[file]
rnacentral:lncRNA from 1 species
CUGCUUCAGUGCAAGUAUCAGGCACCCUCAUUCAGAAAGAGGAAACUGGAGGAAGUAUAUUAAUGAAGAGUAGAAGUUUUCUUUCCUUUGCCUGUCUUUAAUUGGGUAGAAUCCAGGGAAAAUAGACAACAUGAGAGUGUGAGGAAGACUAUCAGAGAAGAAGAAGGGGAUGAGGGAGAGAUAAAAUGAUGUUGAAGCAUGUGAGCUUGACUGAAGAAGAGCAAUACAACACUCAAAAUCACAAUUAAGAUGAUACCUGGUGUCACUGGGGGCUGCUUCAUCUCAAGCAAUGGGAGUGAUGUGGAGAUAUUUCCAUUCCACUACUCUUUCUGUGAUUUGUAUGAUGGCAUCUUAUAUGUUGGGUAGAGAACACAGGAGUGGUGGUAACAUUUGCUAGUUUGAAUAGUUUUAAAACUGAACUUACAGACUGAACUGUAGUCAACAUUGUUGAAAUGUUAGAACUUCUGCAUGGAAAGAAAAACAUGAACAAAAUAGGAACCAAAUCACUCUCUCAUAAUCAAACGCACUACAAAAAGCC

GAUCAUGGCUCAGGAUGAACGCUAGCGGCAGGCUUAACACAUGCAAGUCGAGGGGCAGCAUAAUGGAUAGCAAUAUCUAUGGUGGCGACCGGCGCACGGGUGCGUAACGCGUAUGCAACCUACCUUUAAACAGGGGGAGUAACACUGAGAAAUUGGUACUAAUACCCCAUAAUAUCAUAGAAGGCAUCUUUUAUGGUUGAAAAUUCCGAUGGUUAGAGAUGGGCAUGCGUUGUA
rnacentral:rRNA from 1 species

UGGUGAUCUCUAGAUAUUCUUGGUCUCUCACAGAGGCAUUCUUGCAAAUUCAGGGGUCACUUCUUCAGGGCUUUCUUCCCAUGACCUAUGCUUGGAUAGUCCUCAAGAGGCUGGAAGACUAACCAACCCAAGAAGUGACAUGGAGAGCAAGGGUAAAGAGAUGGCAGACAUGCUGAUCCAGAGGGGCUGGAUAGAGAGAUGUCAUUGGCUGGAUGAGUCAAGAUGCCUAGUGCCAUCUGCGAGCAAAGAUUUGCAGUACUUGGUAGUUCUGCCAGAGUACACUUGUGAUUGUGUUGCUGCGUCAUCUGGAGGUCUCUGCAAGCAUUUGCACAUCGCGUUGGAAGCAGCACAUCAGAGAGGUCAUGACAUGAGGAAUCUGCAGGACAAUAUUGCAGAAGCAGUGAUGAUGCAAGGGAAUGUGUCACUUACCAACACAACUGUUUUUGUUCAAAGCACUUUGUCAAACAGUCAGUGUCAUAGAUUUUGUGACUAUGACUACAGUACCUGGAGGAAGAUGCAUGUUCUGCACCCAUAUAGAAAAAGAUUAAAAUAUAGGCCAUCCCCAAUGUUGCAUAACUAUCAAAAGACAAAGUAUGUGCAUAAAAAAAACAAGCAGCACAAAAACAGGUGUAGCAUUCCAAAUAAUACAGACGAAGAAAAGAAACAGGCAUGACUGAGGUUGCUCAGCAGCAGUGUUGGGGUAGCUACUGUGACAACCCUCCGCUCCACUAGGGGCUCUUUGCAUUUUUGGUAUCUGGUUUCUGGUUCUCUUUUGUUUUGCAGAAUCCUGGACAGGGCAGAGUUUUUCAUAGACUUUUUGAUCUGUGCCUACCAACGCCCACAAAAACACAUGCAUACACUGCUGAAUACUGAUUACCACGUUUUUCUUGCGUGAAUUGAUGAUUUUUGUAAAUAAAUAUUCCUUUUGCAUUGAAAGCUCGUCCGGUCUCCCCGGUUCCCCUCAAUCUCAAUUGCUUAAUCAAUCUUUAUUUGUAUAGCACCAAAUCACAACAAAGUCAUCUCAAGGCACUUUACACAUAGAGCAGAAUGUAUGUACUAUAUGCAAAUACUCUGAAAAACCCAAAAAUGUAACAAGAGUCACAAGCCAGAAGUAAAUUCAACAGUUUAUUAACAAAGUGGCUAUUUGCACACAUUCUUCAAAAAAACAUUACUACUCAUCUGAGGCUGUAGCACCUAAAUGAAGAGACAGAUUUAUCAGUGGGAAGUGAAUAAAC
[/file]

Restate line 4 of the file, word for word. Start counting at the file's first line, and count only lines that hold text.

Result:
rnacentral:rRNA from 1 species